Either way, directing 120 people and all the other people involved, including the locals (in the end I’m not even sure how many people it was) was a big challenge. I had to play coordinator to be able to get everyone together, giving each one their own time. There were some spoiled individuals that I won’t name and others that demanded more of my personal time because they were working for little pay in a remote part of the world for a month and a half.
It’s always important to unify the group, create a human community, be able to dissolve problems when they happen, to finally turn this group into a family. That was also my job, and it was hard because at the same time I also had to change the screenplay constantly. We were modifying it up until the last day of filming because we were constantly learning new things and some scenes had to be improvised.
There were some individuals that abandoned us because they didn’t fit in this human community. Thankfully it was only 2 out of 120 and the rest stayed with us. They backed me and gave their all for this film, way more than they earned monetarily for it. The work was like a drug, it motivated all of us. In spite of the efforts, the hardships, the hail, the rain, the snow, the filming before dawn, the hunger and the little money we had to eat properly; in spite of all that, we had a lot of fun.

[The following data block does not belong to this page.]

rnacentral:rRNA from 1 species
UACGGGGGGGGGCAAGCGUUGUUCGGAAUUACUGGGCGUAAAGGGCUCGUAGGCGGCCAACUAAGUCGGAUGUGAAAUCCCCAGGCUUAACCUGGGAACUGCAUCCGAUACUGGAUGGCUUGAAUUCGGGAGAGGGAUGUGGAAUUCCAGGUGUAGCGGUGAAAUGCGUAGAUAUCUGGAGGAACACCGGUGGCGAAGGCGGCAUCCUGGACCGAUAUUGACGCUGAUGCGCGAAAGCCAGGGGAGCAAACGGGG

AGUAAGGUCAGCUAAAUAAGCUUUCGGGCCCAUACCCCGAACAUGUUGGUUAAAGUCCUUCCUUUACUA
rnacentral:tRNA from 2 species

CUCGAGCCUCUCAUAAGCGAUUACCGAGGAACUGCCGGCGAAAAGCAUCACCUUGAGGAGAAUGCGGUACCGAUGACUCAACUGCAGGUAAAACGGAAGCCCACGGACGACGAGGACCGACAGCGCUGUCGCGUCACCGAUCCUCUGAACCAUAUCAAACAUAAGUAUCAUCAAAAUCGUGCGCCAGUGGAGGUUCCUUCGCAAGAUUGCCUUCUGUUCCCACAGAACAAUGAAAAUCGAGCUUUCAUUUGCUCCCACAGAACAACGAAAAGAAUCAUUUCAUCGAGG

I think that was the biggest lesson, learning to open up to everyone and to be able to manage the situation.
LIP – How was the process of preproduction and crew building, was it easy or full of obstacles?
RICARDO – The entire process took a year. We traveled to seven different locations to do the casting for the kids and the grandparents. To do the auditions, prepare the actors, get legal documents set up by the Mayor of Marcapata and the local Quechuas of the town, who do things their way and according to their customs. I had to present my project to the community of “coliembre” who are the only ones that take important decisions in the town etc.
In the end, I got the money out of the blue, it fell from the sky and with that, I had the initial capital to finish the project. Once I had that in hand, I still needed US$50,000 that I got from sponsors and other channels, I did all I could to get the money for the film. When we finished filming, I was stuck with bank accounts in red, without a cent. But at least I had my computer and I could start editing. Finally, after a year and a half, I had a decent enough cut with which we started applying to government film contests which we thankfully won.